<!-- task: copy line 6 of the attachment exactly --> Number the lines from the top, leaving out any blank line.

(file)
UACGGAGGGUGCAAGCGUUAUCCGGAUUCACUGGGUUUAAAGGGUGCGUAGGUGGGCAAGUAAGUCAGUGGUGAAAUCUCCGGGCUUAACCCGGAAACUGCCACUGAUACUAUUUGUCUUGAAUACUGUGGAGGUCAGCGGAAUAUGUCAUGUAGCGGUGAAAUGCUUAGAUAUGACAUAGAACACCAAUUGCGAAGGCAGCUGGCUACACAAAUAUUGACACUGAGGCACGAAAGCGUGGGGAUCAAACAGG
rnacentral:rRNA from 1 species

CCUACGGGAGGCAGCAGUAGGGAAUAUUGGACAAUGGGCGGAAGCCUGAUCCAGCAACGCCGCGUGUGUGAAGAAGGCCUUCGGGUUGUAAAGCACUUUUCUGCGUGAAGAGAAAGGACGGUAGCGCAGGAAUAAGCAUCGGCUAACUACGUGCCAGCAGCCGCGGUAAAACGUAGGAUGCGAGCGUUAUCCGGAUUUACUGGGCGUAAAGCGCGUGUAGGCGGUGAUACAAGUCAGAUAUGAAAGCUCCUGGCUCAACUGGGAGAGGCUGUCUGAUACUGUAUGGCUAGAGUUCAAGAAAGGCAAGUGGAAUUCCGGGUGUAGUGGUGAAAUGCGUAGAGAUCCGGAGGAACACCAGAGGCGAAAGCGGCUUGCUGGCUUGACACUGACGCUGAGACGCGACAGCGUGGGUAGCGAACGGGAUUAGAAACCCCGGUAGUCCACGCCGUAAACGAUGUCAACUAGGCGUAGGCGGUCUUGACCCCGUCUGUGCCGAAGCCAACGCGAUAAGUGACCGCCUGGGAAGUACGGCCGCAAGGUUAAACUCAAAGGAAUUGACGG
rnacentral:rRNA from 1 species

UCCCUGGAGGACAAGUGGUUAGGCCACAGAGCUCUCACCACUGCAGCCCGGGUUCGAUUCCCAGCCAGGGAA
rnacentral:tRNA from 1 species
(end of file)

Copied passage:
rnacentral:tRNA from 1 species